The Bank of Japan on Monday ramped up its emergency monetary easing and cut growth forecasts for the world's third largest economy, as the coronavirus pandemic ravages the globe.
After a meeting shortened from two days to one, the central bank said it would shift to unlimited government bond buying and more than double its capacity to purchase corporate bonds and commercial papers – a move to support Japan Inc's financing as the country grapples with fallout from the virus.
The announcement comes as central banks around the world revert to extraordinary measures – in hand with trillions of dollars of government stimulus – to support their economies, which have been ravaged by long-running lockdowns aimed at preventing the spread of the disease.
Analysts said the announcement was appropriate but were gloomy on the prospects of success.
The move is "largely symbolic, but it's better than doing nothing", Taro Saito, senior economist at NLI Research Institute, said ahead of the decision.
"Given the circumstances, no one expects the latest policy can turn the economy around, and the same can be said about fiscal stimulus," he said.
Even before lifting the 80 trillion yen cap on government bond buying, the BoJ's purchases were well below the ceiling, Saito noted.
In a quarterly economic report issued on Monday, the bank also revised down growth forecasts for the world's third largest economy.
For the current fiscal year to March 2021, it now forecasts the economy will shrink by 3-5%, compared with the previous estimate of 0.8-1.1% growth.
For the past year to last month, the BoJ estimates the economy shrank 0.1% to 0.4%, compared with the previously estimated 0.8-0.9% growth.
However, it revised up the forecast for fiscal year to March 2022, now estimating growth of 2.8-3.9%, against a previous estimate of 1.0-1.3% expansion.
'Increasingly severe situation'
"Japan's economy has been in an increasingly severe situation due to the impact of the spread of the novel coronavirus at home and abroad," the bank said in a statement.
"Financial conditions have been less accommodative in terms of corporate financing, as seen in deterioration in firms' financial positions," it added.
It said its "current powerful monetary easing measures... will contribute to supporting economic and financial activities", along with measures taken by governments at home and abroad to tackle the pandemic.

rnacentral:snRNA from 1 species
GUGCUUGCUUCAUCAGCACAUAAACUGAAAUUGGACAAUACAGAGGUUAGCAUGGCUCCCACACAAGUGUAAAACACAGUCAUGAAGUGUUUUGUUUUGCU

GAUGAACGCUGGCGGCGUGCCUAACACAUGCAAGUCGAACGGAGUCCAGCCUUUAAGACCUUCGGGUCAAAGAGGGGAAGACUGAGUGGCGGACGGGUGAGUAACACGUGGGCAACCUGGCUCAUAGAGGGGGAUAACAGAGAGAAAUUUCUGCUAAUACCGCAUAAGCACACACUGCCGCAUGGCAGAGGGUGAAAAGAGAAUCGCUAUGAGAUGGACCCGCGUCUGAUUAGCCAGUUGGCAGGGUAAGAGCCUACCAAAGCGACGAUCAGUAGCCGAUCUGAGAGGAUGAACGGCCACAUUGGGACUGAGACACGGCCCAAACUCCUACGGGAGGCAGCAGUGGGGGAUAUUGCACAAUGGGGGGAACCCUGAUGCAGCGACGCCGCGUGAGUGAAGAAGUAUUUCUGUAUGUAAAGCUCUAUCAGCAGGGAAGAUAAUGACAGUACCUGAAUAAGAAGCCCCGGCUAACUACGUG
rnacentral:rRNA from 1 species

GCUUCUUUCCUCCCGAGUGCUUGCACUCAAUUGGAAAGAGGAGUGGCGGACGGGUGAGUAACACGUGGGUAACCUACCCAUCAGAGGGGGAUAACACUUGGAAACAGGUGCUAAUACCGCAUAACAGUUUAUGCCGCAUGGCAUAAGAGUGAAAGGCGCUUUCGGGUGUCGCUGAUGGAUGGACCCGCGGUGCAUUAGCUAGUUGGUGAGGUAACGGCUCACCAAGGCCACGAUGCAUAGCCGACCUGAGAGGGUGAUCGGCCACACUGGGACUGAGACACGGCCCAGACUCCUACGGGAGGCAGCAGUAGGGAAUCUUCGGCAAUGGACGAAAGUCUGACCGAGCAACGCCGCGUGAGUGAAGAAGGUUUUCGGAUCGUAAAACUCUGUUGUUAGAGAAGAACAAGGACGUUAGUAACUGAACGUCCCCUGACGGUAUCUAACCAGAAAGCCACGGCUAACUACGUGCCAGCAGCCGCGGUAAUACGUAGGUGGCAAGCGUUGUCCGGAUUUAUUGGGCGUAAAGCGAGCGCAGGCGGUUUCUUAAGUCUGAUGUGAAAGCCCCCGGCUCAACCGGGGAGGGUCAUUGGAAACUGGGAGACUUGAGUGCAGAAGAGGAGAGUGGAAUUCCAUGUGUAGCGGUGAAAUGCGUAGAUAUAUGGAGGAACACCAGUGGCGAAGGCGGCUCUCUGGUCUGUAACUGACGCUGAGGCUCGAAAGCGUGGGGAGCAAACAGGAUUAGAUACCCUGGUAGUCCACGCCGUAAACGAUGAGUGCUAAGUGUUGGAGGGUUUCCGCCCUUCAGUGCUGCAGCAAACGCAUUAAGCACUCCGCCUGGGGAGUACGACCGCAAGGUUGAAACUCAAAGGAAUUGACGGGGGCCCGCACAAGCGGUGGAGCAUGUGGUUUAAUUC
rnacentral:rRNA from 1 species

The central bank left rates unchanged and also reiterated its longstanding commitment to a 2% inflation target, which has remained stubbornly elusive.
But it revised down its forecast for core consumer prices, which exclude fresh food, now estimating the fiscal year to March 2021 will see the prices falling between 0.3% and 0.7% on-year, against rises of 1.0-1.1% in the previous estimate.
The central bank's decisions come ahead of the US Federal Reserve's meeting later this week to shore up confidence and keep the financial sector running.
The Fed has already unveiled measures to bolster liquidity and cut interest rates to historic near-zero as the coronavirus slammed the US economy, so it is not expected to do much besides project confidence at its policy meeting this week, analysts have said.
Prime Minister Shinzo Abe's government last month unveiled a package of stimulus measures worth around $1 trillion to protect jobs, bolster the medical sector and ease the pain for working families.
Earlier this month, Abe said the government will offer a cash payment of 100,000 yen ($930) to every resident.
"Japan's economy is likely to remain in a severe situation for the time being due to the impact of" the virus, the BoJ said in its quarterly report.
But "thereafter, as the impact of the spread of the COVID-19 wanes at home and abroad, Japan's economy is likely to improve, supported by accommodative financial conditions and the government's economic measures", it added.